Enter multiple symbols separated by commas

Virgin Media Goes to Court in BSkyB Dispute

Virgin Media said on Thursday it had filed proceedings in the High Court to resolve a dispute with rival BSkyB over the withdrawal of its basic channels from Virgin's TV service.

BSkyB took its basic channels, including hit shows such as "Lost" and "24," off the cable network after the two groups failed to agree a new deal in March.

"The proceedings also seek a remedy for the onerous rates imposed by Sky for carriage of Virgin Media TV channels on Sky's own TV service," Virgin media said.

The two groups have been engaged in a spat in recent months over how much satellite operator BSkyB should get for allowing its channels to be shown on the Virgin Media cable system.

BSkyB has denied Virgin's accusation that it wanted nearly double the former price for the basic channels and said it simply wanted a fee that reflected its investment in new programming.

The high-profile dispute is also being examined by media regulator Ofcom, which is looking into the pay-TV industry after BSkyB's rivals accused it of trying to suppress competition.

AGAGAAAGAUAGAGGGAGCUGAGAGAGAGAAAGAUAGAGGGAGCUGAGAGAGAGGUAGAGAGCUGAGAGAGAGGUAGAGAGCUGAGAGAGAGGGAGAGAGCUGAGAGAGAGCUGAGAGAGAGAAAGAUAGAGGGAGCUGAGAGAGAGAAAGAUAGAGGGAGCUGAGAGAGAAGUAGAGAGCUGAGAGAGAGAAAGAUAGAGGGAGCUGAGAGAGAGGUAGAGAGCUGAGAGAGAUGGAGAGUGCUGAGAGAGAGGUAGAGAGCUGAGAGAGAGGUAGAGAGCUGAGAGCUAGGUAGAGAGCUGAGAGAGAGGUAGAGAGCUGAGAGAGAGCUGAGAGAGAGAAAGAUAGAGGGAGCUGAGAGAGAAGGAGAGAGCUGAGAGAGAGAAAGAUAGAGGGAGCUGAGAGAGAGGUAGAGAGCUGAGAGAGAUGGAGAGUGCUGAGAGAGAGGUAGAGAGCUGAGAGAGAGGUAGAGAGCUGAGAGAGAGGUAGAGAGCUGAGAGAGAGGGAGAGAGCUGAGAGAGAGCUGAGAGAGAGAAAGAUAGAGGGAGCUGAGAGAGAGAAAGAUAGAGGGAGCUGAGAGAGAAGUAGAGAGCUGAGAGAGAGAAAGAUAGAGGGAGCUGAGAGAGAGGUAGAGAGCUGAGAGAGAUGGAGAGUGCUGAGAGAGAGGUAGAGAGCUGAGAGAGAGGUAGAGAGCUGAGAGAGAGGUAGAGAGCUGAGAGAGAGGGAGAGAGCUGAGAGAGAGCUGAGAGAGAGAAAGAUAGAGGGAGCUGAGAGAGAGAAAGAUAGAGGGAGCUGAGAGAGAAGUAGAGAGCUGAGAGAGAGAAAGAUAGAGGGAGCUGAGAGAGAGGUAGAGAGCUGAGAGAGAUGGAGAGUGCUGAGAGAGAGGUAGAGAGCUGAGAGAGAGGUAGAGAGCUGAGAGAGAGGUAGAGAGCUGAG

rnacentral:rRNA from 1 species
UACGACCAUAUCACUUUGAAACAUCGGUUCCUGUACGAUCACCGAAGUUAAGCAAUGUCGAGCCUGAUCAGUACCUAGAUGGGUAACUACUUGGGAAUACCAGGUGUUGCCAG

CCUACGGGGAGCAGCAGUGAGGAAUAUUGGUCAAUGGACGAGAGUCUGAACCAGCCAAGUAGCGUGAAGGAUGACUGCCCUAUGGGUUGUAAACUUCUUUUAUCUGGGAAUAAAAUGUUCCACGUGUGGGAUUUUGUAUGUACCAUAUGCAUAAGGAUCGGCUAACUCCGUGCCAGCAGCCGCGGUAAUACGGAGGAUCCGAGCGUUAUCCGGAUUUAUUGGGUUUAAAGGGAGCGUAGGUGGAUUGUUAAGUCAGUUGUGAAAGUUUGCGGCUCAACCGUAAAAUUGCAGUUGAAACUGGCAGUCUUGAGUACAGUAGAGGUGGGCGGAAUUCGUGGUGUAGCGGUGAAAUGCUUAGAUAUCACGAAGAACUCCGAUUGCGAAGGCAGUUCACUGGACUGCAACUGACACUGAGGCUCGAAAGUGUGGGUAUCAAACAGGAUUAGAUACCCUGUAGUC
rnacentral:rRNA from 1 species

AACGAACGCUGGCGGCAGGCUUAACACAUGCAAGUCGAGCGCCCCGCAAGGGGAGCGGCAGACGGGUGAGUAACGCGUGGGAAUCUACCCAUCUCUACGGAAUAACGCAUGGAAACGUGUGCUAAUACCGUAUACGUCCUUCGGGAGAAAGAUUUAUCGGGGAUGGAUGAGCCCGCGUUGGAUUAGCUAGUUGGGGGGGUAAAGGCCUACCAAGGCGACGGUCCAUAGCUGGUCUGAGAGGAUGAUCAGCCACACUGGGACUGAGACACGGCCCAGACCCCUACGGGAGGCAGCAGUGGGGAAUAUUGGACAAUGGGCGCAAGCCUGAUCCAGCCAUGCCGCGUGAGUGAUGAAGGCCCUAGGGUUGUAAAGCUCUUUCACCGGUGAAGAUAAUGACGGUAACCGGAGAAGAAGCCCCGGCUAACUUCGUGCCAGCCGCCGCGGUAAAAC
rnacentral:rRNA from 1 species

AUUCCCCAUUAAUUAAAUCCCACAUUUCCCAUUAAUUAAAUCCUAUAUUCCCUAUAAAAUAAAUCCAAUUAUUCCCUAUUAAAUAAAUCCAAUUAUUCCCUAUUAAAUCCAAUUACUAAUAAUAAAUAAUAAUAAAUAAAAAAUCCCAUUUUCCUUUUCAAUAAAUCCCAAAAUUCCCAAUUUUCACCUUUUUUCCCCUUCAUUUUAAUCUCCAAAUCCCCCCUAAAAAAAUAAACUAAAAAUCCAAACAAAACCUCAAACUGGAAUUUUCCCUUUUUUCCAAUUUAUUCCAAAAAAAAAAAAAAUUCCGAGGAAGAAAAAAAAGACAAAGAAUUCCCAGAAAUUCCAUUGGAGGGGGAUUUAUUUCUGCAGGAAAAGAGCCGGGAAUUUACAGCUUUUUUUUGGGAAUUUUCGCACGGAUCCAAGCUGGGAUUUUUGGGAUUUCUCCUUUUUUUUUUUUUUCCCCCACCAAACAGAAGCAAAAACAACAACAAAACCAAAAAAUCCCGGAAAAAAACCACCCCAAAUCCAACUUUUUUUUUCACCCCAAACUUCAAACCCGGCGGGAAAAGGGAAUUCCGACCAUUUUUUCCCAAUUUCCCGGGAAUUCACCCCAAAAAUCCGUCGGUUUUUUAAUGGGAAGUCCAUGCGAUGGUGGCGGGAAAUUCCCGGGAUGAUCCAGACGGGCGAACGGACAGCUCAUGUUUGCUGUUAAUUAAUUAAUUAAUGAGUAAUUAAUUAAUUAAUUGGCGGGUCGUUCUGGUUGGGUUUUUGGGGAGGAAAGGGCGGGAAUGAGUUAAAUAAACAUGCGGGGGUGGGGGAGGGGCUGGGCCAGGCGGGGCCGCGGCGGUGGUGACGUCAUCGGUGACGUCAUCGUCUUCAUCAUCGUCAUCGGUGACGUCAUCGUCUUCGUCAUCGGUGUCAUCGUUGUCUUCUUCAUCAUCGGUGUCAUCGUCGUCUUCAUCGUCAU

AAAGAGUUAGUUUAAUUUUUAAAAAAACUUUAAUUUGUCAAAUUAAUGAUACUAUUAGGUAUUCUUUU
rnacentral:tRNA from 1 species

Virgin Media, Britain's only major cable system, has more than 3.3 million TV customers compared to BSkyB's 8.4 million.

BSkyB has said it will defend itself vigorously in court.

Contact U.S. News


    Get the best of CNBC in your inbox

    Please choose a subscription

    Please enter a valid email address
    To learn more about how we use your information,
    please read our Privacy Policy.

Don't Miss

  • Piper Hoppe, 10, from Minnetonka, Minnesota, holds a sign at the doorway of River Bluff Dental in Bloomington, Minnesota, on July 29, 2015, during a protest against Cecil's killing.

    The U.S. Fish and Wildlife Service has been trying to find the man who shot a lion in Zimbabwe, but he is not responding.

  • Donald Trump

    From one real estate mogul about another: Don't underestimate Republican presidential candidate Donald Trump.

  • Rifle sight

    Hackers were able to exploit a sniper rifle's vulnerabilities and change the gun's target, according to Wired.

U.S. Video